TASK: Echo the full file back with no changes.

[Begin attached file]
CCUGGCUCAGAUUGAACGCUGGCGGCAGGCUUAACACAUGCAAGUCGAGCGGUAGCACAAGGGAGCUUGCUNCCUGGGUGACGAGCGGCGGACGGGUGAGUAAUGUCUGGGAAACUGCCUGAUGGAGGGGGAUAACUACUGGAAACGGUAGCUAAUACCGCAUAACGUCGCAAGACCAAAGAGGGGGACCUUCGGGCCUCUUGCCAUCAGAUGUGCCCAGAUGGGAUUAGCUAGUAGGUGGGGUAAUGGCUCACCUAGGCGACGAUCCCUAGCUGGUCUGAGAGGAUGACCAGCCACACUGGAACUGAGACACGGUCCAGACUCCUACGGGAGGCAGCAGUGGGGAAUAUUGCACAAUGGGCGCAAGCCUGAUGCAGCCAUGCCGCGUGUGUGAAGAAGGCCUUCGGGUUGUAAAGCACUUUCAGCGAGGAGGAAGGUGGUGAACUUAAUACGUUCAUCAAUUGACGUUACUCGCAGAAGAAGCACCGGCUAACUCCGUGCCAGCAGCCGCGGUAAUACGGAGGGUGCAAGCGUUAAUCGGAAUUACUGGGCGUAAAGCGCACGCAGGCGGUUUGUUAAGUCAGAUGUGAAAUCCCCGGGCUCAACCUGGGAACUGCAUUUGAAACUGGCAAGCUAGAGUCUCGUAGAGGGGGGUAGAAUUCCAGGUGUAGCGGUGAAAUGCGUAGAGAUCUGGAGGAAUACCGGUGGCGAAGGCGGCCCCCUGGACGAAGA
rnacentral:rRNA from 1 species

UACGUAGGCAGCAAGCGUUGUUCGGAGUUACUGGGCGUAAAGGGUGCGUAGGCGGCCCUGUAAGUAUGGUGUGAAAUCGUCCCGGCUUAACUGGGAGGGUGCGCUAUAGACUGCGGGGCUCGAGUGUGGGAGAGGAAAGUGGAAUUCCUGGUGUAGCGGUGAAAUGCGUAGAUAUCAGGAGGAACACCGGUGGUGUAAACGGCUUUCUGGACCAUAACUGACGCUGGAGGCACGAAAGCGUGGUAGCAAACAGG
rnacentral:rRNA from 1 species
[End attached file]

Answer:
CCUGGCUCAGAUUGAACGCUGGCGGCAGGCUUAACACAUGCAAGUCGAGCGGUAGCACAAGGGAGCUUGCUNCCUGGGUGACGAGCGGCGGACGGGUGAGUAAUGUCUGGGAAACUGCCUGAUGGAGGGGGAUAACUACUGGAAACGGUAGCUAAUACCGCAUAACGUCGCAAGACCAAAGAGGGGGACCUUCGGGCCUCUUGCCAUCAGAUGUGCCCAGAUGGGAUUAGCUAGUAGGUGGGGUAAUGGCUCACCUAGGCGACGAUCCCUAGCUGGUCUGAGAGGAUGACCAGCCACACUGGAACUGAGACACGGUCCAGACUCCUACGGGAGGCAGCAGUGGGGAAUAUUGCACAAUGGGCGCAAGCCUGAUGCAGCCAUGCCGCGUGUGUGAAGAAGGCCUUCGGGUUGUAAAGCACUUUCAGCGAGGAGGAAGGUGGUGAACUUAAUACGUUCAUCAAUUGACGUUACUCGCAGAAGAAGCACCGGCUAACUCCGUGCCAGCAGCCGCGGUAAUACGGAGGGUGCAAGCGUUAAUCGGAAUUACUGGGCGUAAAGCGCACGCAGGCGGUUUGUUAAGUCAGAUGUGAAAUCCCCGGGCUCAACCUGGGAACUGCAUUUGAAACUGGCAAGCUAGAGUCUCGUAGAGGGGGGUAGAAUUCCAGGUGUAGCGGUGAAAUGCGUAGAGAUCUGGAGGAAUACCGGUGGCGAAGGCGGCCCCCUGGACGAAGA
rnacentral:rRNA from 1 species

UACGUAGGCAGCAAGCGUUGUUCGGAGUUACUGGGCGUAAAGGGUGCGUAGGCGGCCCUGUAAGUAUGGUGUGAAAUCGUCCCGGCUUAACUGGGAGGGUGCGCUAUAGACUGCGGGGCUCGAGUGUGGGAGAGGAAAGUGGAAUUCCUGGUGUAGCGGUGAAAUGCGUAGAUAUCAGGAGGAACACCGGUGGUGUAAACGGCUUUCUGGACCAUAACUGACGCUGGAGGCACGAAAGCGUGGUAGCAAACAGG
rnacentral:rRNA from 1 species